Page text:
Mac utility Homebrew finally gets native Apple Silicon and M1 support | GeekComparison

Users can install Homebrew through the terminal in macOS.
Enlarge / Users can install Homebrew through the terminal in macOS.

Samuel Axon

The popular Mac tool Homebrew has long been used by developers and others for package management on macOS, but as we complained in our first M1 Mac review, it didn’t support Apple Silicon when Apple’s new Macs first launched late last year . Now, with the release of Homebrew 3.0.0, that’s no longer the case: Homebrew now supports Apple Silicon natively, albeit not with every package.

The volunteer Homebrew team made the announcement on the Homebrew blog alongside today’s release. While native support isn’t yet comprehensive, it bridges the gap significantly, and users can still use Terminal through Rosetta 2 to do what they can’t yet while running natively on Apple Silicon. The Homebrew blog post says “we welcome your help” in providing bottles for all future packs.

Here’s the full bullet point on Apple Silicon in the Homebrew 3.0.0 release notes:

Apple Silicon is now officially supported for installations in /opt/homebrew. formula pages on indicate for which platforms bottles (binary packages) are provided and thus whether they are supported by Homebrew. Homebrew doesn’t (yet) offer bottles for all the packages on Apple Silicon that we do on Intel x86_64, but we welcome your help with that. Rosetta 2 on Apple Silicon still supports Intel x86_64 in /usr/local.

Aside from the inability to run Windows natively, the lack of Homebrew was one of the few issues we singled out the Apple Silicon Macs for when we reviewed them, and some of our editors have cited this as the main reason they got the switch to Apple Silicon postponed. Some other users probably share the sentiment, although of course most macOS users never use these kinds of tools.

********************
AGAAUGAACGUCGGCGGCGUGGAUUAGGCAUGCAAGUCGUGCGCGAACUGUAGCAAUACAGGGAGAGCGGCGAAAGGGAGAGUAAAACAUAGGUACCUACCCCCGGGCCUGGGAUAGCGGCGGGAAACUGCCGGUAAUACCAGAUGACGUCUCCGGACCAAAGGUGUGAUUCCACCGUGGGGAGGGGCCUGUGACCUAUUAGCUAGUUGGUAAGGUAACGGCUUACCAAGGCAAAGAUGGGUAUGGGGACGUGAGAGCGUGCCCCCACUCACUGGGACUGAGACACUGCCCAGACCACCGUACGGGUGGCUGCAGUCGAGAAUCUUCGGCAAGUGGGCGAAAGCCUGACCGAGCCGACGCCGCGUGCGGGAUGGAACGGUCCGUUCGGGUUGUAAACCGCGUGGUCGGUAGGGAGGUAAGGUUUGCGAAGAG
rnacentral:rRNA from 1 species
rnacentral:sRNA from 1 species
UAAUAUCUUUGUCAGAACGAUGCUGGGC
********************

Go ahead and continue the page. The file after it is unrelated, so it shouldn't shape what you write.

In celebrating the update, the Homebrew team thanked MacStadium and Apple “in particular”. Specifically, the blog entry notes that Apple provided the team with Apple Silicon hardware to do the job, and thanks “Apple’s Cassidy for helping us with this migration in so many ways.”

Other major changes since the previous Homebrew release, 2.7.0, are listed in the blog post as follows:

  • brew bottle and bottle do blocks use a new syntax format (one :cellar per platform). brew style –fix will automatically correct formulas to this new format. This allows more bottles to be movable.
  • The new HOMEBREW_BOOTSNAP environment variable allows the use of the Bootsnap gem to speed up repeated brew calls. This does not (yet) work on Apple Silicon or with Homebrew’s portable Ruby.
  • Several methods have been deprecated, disabled and removed
  • Bash, fish, and zsh completions are automatically generated from the CLI::Parser DSL. This way they stay up to date.
  • brew update better handle upstream branch renaming (e.g. from master to main)
  • brew completions is a new command to opt in to completions provided by third party taps

Frame image by Samuel Axon

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